Andy Serkis to be honored at BAFTA's
Andy Serkis is to be honored with the BAFTA award for Outstanding British Contribution to Cinema Award.
The 55-year-old actor and director - famed for his roles as Gollum in 'The Lord of the Rings' and 'The Hobbit' and Caesar in the 'Planet of the Apes' - will receive one of BAFTA's highest honors at the ceremony on February 2.
Serkis' motion capture work through his company The Imaginarium is critically acclaimed and he has pioneered the evolving art of performance capture.
His work on franchises like 'Star Wars' and the Marvel Cinematic Universe has allowed filmmakers to bring iconic characters to life that would otherwise have been impossible to create onscreen.
He said: "I'm deeply honored and thrilled to receive this award, and count myself extremely lucky to be such a continually fascinating jorney in visual storytelling, one that has given me the opportunity to collaborate with many of the world's greatest artists, technologists and craftspeople, with whom I'd like to share this wonderful accolade."
Serkis - who has also directed films such as 'Breathe' and 'Mowgli: Legend of the Jungle' - follows John Hurt and filmmaking siblings Ridley and Tony Scott in receiving the honor.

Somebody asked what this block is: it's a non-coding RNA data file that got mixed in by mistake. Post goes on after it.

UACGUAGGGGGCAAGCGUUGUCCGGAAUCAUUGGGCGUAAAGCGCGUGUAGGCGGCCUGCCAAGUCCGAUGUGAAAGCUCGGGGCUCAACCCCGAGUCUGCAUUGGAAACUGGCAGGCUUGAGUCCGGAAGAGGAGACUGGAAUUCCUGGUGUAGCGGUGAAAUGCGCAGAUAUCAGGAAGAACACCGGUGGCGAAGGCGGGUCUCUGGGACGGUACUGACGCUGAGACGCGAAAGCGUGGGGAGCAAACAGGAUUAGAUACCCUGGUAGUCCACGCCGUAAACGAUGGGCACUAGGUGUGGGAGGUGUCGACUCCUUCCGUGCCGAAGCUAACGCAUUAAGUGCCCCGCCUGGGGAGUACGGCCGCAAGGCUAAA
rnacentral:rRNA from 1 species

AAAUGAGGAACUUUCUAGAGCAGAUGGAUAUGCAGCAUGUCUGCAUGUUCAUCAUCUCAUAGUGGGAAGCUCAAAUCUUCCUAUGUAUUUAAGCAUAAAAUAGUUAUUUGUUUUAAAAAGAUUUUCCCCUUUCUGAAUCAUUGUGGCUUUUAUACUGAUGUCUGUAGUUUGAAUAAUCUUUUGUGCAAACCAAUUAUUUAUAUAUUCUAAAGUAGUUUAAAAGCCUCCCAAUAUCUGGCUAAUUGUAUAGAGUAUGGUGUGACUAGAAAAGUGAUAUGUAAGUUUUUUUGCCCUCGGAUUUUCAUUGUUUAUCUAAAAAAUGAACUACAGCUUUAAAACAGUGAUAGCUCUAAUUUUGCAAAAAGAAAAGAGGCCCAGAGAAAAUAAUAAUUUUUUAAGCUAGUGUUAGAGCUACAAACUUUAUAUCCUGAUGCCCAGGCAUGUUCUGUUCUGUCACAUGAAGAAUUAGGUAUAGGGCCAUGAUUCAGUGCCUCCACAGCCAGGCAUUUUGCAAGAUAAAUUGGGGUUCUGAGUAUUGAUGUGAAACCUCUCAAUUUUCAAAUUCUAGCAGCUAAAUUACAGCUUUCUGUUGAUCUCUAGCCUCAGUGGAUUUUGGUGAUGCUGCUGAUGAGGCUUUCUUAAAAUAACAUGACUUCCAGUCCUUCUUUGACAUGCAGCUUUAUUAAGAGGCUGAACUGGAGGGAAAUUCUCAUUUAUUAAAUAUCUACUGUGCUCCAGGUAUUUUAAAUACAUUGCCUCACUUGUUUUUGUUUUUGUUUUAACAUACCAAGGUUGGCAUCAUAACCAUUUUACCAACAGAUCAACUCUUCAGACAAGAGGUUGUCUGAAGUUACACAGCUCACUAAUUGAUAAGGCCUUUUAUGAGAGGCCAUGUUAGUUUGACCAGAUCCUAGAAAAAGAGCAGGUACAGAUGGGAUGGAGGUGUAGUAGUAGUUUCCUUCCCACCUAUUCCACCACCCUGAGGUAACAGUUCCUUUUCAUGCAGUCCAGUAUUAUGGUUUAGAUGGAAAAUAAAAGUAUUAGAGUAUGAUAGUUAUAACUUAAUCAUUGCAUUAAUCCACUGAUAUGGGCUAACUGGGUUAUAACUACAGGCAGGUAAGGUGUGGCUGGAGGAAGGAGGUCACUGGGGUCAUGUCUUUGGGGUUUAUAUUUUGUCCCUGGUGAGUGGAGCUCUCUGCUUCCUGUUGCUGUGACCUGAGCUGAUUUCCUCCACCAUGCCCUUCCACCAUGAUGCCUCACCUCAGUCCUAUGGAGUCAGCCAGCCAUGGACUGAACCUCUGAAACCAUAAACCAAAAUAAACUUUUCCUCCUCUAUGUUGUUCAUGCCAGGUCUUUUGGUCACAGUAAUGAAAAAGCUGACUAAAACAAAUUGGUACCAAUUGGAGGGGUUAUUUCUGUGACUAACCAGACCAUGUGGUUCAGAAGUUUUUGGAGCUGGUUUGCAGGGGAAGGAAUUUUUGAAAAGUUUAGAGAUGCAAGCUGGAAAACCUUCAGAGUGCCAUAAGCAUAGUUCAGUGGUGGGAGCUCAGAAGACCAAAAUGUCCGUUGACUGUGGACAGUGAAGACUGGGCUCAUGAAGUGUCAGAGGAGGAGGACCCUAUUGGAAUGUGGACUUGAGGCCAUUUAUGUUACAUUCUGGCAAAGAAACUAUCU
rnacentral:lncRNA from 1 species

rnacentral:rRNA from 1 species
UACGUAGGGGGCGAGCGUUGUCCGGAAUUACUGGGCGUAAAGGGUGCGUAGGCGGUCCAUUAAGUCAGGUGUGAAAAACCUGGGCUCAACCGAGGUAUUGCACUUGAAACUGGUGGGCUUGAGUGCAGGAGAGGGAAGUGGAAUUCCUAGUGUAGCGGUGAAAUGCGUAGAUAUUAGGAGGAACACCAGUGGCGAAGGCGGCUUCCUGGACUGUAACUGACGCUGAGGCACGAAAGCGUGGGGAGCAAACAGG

He has previously been nominated for two BAFTAs, for his role as Ian Dury in 2010 film 'Sex and Drugs and Rock and Roll' and as serial killer Ian Brady in television drama 'Longford'.
In 2011, he founded production company The Imaginarium, which is dedicated to believable and emotionally engaging digital characters.
Marc Samuelson, Chair of BAFTA's Film Committee, said: "Andy's work on and off screen has been nothing short of revolutionary, inspiring audiences and his peers alike.
"His pioneering influence as a performer, an educator, a leading innovator and an employer has helped shape the global film industry and the positive impact will be felt for years to come.
"He's truly a remarkable ambassador for our industry and a thoroughly deserving recipient of this year's outstanding achievement award."